HAVERHILL — After placing a temporary ban on youth sports to slow the spread of COVID-19 in Haverhill, the city's Health Board has reopened the door to those activities.

The board two weeks ago approved a temporary ban on all youth sports — including Haverhill High teams, sports at other schools, and programs involving private organizations and the Haverhill Recreation Department. The ban was to last three weeks, to the end of this week, and then by reviewed by the Health Board.

But two moves made by the board last week have made it possible for all youth sports in the city to resume.

The board said Haverhill High sports can restart because their programs meet a variety of coronavirus-related standards set by the state. The standards include that training facilities used by Hillie teams are kept properly disinfected against the virus, and that the facilities are large enough to allow players to use social distancing while training. The state standards embraced by Hillie teams that allow their sports to resume also include players wearing masks during games, limiting physical contact with opponents, and even reducing the number of players on the field during games to a number that is lower than normal.

The Health Board ruled that because Haverhill High teams follow those and other standards set by the state, they can start practicing again. The school's athletic department said it will consider resuming games later this week, after officials from Haverhill and other communities discuss the matter.

Haverhill High's only exceptions to the Health Board ban ordered two weeks ago were golf and cross country running, both of which are considered at low risk of spreading the virus, but even those sports were modified to ensure compliance with state health and safety regulations.

The ban halted Haverhill High's other fall sports — girls volleyball, field hockey, and boys and girls soccer — which were underway and can now resume. Football had previously been moved to a season which begins in February.

Last week's ruling by the Health Board said youth sports at other Haverhill schools and programs run the city's Recreation Department and private groups can also resume, as long as they too meet the state standards of properly disinfected training and playing facilities, players wearing masks when required, and proper social distancing during practices and games.

All of this is being done to prevent the spread of COVID-19 among youth sports players so that they don't get the virus and spread it among their teammates, players on other teams and classmates at school, health officials said.

Health officials said the majority of youth sports activities in the city appear to be in compliance with the new Health Board order.

Haverhill High School is scheduled to resume fall sports on Tuesday. Monday is Columbus Day and Haverhill schools are closed.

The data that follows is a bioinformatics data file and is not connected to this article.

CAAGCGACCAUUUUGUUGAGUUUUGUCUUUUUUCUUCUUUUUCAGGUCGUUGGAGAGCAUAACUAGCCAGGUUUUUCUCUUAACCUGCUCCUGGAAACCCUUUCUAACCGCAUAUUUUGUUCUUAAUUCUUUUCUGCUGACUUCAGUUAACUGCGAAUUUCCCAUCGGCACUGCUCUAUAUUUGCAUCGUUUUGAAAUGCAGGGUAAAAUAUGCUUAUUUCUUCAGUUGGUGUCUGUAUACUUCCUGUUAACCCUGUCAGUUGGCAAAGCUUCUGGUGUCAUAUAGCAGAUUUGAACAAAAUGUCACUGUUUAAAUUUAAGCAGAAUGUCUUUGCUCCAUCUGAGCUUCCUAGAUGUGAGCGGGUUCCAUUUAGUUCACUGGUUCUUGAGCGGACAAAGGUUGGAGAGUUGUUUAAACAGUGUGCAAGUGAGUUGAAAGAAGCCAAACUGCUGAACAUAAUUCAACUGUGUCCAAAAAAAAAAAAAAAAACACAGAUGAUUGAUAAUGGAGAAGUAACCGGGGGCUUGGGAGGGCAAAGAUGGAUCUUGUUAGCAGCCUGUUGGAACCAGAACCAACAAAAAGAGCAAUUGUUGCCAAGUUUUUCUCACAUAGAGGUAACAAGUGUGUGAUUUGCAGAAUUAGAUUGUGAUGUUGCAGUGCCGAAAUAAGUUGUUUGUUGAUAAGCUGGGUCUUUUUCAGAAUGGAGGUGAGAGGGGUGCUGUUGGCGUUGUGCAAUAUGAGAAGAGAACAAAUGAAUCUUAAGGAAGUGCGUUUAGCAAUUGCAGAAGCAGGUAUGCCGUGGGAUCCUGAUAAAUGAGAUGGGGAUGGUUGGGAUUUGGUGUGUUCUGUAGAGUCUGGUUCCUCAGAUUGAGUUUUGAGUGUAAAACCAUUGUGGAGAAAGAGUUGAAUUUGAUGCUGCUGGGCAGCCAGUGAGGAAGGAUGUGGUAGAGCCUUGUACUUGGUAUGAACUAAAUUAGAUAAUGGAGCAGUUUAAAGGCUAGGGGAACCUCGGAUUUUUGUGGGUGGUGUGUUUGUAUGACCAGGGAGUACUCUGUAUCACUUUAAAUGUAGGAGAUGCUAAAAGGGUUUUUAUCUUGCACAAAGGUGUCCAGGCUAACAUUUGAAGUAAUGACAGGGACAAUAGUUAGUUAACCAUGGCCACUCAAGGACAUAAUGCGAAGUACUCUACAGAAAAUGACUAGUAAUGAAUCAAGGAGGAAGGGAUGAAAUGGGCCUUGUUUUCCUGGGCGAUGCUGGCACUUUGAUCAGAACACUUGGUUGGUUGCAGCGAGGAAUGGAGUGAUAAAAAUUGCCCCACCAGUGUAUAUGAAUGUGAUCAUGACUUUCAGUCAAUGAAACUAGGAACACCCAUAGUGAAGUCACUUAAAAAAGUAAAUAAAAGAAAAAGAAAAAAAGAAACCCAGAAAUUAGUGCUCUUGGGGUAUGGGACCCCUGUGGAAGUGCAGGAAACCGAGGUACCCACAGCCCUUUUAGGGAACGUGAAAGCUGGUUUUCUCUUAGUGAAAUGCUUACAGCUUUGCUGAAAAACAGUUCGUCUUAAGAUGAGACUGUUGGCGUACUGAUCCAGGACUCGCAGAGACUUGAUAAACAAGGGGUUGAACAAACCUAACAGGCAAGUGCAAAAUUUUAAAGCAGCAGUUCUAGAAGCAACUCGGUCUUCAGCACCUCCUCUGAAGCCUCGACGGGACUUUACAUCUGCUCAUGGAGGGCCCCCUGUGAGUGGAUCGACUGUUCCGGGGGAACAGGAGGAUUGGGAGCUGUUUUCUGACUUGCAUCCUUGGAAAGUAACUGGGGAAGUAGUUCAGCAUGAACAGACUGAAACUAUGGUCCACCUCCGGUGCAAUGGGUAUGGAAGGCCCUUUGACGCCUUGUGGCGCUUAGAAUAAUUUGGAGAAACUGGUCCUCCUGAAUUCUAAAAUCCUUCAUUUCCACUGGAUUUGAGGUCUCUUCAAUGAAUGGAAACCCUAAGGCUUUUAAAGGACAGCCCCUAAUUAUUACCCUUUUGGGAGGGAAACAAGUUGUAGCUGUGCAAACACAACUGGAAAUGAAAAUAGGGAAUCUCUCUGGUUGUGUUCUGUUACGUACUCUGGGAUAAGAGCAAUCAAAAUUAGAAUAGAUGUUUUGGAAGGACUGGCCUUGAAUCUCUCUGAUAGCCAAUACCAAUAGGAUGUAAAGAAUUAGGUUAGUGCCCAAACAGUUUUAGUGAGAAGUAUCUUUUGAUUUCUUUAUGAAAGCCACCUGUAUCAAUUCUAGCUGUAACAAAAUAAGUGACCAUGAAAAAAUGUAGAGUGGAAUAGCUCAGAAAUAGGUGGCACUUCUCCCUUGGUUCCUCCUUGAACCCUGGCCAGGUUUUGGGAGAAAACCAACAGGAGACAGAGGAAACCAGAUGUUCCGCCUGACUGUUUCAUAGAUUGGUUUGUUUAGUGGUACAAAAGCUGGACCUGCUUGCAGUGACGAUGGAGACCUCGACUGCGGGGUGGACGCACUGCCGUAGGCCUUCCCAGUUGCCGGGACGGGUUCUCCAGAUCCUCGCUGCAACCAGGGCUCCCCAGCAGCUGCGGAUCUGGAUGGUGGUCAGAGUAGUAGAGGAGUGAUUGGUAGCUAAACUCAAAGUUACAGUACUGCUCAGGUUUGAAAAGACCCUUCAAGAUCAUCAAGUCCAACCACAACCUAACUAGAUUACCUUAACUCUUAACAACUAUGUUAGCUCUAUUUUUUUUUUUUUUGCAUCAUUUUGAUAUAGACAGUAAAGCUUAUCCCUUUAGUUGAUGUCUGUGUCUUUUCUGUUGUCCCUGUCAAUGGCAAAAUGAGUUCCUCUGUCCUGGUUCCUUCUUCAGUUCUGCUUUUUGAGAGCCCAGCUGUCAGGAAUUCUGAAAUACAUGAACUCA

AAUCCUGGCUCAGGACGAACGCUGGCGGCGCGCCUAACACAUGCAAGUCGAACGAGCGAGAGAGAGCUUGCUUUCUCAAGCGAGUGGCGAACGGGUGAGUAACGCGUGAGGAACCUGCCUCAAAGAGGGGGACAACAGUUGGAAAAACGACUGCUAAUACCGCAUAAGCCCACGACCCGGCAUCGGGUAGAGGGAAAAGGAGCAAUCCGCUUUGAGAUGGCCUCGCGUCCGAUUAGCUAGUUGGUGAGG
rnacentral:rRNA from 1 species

Haverhill High Athletic Director Tom O'Brien said the facilities used by the school's teams — Haverhill stadium, the Haverhill High athletic field and the high school gym — meet the state standards, including enough room for safe social distancing during practices and a properly disinfected environment.

He said fall sports practices will begin on Tuesday and that it was a school district decision to not hold games at this time, with the exception of cross country and golf because they are considered low risk.

"It (the decision of when to resume games) is being handled by the Merrimack Valley Conference where 11 superintendents meet and decide week-to-week," O'Brien said. "We will reassess the situation Thursday when the MV Conference superintendents meet again. The soonest we can resume games is Oct. 17, but even that is doubtful at this time."

O'Brien said examples of how sports have been modified to reduce physical contact include soccer players being required to wear masks and not allowing them to form "walls" — a strategy in games where players on one team gather closely together to block shots by the other team. Field hockey players must wear masks and instead of teams each having 11 players on the field during games, the numbers were reduced to 7 on 7. For volleyball, new rules include no blocking at the net to keep players apart.

Last week, the Health Board also ruled the youth sports ban does not affect swimming, karate studios or hockey programs not run by the city's School Department or Recreation Department.

A critical rule within the order allows youth sports activities to resume as long as they take place in facilities that are compliant with state health and safety rules or the youth sports activities are considered "lower risk." State regulations also call for changes in game rules to ensure minimal physical contact among players.

"If people comply with this section of the order, I have not choice but to allow them to continue," said city Health Director Richard MacDonald. "The new regulations were created to ensure precautions are being taken."

He said karate studios aren't impacted by the ban because they typically do not host team activities. They still must be in compliance with state health and safety regulations, he said.

The Health Board is expected to review the city's youth sports rules on or before Oct. 28, at that time considering whether Haverhill is still in the state's red, high-risk zone for COVID-19.

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